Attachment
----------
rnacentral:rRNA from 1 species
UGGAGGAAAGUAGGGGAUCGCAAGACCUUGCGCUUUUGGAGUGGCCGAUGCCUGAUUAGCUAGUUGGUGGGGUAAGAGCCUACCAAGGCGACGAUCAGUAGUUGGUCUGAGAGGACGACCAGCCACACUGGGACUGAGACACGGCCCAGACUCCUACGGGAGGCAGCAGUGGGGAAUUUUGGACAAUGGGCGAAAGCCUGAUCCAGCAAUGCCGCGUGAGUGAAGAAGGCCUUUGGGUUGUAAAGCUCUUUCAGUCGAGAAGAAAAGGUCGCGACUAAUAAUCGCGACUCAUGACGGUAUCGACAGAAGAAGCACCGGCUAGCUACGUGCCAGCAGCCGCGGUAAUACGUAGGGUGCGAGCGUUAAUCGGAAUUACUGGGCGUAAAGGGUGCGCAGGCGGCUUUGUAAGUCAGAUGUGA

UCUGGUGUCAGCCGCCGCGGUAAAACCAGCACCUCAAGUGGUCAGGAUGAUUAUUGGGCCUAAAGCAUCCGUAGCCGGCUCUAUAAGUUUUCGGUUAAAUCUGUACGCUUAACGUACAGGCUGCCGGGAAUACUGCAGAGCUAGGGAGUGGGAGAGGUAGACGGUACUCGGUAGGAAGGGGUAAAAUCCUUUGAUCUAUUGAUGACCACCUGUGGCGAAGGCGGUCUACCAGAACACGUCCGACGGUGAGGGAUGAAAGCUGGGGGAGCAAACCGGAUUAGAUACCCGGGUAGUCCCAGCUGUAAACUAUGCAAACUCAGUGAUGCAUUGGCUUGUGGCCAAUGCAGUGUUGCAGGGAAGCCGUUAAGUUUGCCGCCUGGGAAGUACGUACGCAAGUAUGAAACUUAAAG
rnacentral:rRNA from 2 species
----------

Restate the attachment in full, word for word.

rnacentral:rRNA from 1 species
UGGAGGAAAGUAGGGGAUCGCAAGACCUUGCGCUUUUGGAGUGGCCGAUGCCUGAUUAGCUAGUUGGUGGGGUAAGAGCCUACCAAGGCGACGAUCAGUAGUUGGUCUGAGAGGACGACCAGCCACACUGGGACUGAGACACGGCCCAGACUCCUACGGGAGGCAGCAGUGGGGAAUUUUGGACAAUGGGCGAAAGCCUGAUCCAGCAAUGCCGCGUGAGUGAAGAAGGCCUUUGGGUUGUAAAGCUCUUUCAGUCGAGAAGAAAAGGUCGCGACUAAUAAUCGCGACUCAUGACGGUAUCGACAGAAGAAGCACCGGCUAGCUACGUGCCAGCAGCCGCGGUAAUACGUAGGGUGCGAGCGUUAAUCGGAAUUACUGGGCGUAAAGGGUGCGCAGGCGGCUUUGUAAGUCAGAUGUGA

UCUGGUGUCAGCCGCCGCGGUAAAACCAGCACCUCAAGUGGUCAGGAUGAUUAUUGGGCCUAAAGCAUCCGUAGCCGGCUCUAUAAGUUUUCGGUUAAAUCUGUACGCUUAACGUACAGGCUGCCGGGAAUACUGCAGAGCUAGGGAGUGGGAGAGGUAGACGGUACUCGGUAGGAAGGGGUAAAAUCCUUUGAUCUAUUGAUGACCACCUGUGGCGAAGGCGGUCUACCAGAACACGUCCGACGGUGAGGGAUGAAAGCUGGGGGAGCAAACCGGAUUAGAUACCCGGGUAGUCCCAGCUGUAAACUAUGCAAACUCAGUGAUGCAUUGGCUUGUGGCCAAUGCAGUGUUGCAGGGAAGCCGUUAAGUUUGCCGCCUGGGAAGUACGUACGCAAGUAUGAAACUUAAAG
rnacentral:rRNA from 2 species